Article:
GOBABIS- The Director for Education in the Omaheke Region, Pecka Semba, has appealed to a group of parents of learners attending Otjiuaneho Primary School in Otjinene to return more than one hundred pupils that they forcefully removed from the school last week Monday in protest against the school principal.
Last week it was reported that over half of disgruntled parents whose children attend Otjiuaneho Primary School forcefully removed their pupils from the school, in the ongoing protest for the removal of the school principal. Parent are accusing the school principal, Maria Ngava of misadministration, mismanagement of school funds and not turning up for work among other allegations.
“I appeal to those parents who took such action to bring the pupils back to school as there is an ongoing investigation by the directorate into the alleged misconduct of the accused,” said Semba told New Era.
He said the action taken by the parents is illegal and will affect the academic performance of the learners negatively. This issue has been reported to our directorate and even before that we were investigating issues such as inspectorate reports and sub-directory reports against Ngava,” he said.
The Director pleaded with parents to be patient since their concerns were forwarded to Ministry of Education, Permanent Secretary, Alfred IIukena.
Meanwhile, Omaheke Region was among the poorest performing schools during the 2014 NSSC Grade 12 Ordinary level examination result announced earlier this year. The region was placed14th compared to 12th in 2013. Otjiuaneho Primary School was among the worst performing schools in the region during 2014.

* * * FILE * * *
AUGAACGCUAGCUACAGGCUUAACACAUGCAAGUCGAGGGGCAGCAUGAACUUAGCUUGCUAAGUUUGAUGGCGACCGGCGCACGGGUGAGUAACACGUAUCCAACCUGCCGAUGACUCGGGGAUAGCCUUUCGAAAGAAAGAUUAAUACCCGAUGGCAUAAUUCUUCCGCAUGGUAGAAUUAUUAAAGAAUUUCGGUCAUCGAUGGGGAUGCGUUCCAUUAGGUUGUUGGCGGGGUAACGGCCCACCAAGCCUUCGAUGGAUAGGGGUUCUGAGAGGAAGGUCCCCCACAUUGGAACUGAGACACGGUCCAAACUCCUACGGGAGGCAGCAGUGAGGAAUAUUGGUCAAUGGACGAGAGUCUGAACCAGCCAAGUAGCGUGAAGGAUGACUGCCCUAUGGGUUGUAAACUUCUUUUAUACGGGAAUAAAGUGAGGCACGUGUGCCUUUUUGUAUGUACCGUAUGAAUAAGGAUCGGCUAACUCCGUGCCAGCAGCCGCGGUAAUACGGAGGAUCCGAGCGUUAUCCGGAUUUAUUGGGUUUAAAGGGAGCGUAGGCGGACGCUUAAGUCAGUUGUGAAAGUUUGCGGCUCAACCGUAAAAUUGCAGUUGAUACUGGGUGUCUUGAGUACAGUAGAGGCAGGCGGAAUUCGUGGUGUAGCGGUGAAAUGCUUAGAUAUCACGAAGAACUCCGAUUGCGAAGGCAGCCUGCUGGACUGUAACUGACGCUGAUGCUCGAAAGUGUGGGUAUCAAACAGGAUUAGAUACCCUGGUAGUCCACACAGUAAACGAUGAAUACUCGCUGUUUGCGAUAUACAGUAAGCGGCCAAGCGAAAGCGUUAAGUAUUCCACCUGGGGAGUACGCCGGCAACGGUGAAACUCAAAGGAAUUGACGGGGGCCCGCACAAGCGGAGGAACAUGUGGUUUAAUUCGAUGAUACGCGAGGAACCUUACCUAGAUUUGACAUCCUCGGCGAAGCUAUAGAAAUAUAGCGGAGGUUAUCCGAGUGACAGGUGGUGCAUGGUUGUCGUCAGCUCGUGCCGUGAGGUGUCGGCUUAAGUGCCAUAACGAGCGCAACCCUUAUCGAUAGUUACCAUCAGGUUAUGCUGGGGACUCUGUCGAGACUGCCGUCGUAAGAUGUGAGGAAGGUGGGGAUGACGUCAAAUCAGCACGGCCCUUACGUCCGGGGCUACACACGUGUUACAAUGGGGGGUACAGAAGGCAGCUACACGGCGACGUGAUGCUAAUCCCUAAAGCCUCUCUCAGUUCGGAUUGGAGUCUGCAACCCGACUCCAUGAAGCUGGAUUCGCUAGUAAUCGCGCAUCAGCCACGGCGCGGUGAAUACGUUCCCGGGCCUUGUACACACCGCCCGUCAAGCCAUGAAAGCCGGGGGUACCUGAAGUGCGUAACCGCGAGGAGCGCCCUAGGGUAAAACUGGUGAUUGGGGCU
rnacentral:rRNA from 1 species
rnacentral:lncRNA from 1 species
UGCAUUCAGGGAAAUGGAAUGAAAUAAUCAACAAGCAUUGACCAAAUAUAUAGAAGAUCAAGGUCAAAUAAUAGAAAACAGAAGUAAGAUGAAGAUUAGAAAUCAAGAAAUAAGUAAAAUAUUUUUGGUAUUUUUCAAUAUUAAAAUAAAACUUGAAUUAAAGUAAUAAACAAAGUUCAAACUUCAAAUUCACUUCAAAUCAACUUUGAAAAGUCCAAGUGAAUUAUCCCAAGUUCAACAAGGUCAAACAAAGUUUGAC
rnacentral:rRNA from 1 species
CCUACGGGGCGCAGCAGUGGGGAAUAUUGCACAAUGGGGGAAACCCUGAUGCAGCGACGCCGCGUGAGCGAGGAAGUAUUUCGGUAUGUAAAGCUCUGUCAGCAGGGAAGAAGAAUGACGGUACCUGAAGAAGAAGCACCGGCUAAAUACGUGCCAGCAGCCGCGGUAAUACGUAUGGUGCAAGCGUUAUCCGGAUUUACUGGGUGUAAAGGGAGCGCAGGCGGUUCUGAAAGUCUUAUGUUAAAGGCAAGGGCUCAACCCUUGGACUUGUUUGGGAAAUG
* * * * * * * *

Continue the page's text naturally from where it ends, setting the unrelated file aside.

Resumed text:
At the time Semba blamed lack of of parental participation in the education of their children as one of the reasons for poor perfomance. According to the Grade 12 examination results released earlier this year, 2014 full-time candidates performed better, especially at grades A, B, C and G, while their performance at grades A* and D remains the same at 0 and -6 percent, respectively, as in 2013. Compared to 2013, the number of full-time candidates decreased by 109 (0.6 percent) to 19 392.
“Results of the full-time candidates show that the percentage of graded entries increased from 93 percent to 93.2 percent in 2014. This is a slightly better performance of the 2014 candidates compared to the 2013 candidates.
The candidates have performed slightly poorer at grades E and F, which was expected due to the improvement of quality symbols. I have been calling on learners that I do not want poor symbols. Performance has shifted to quality symbols,” said the Minister of Education, Dr David Namwandi, on Wednesday.
Out of 19 392 full-time candidates who sat for the Grade 12 Namibia Senior Secondary Certificate (NSSC) Ordinary Level, 8 300 qualify for admission to tertiary institutions, while 1 150 learners obtained points between 20 and 24.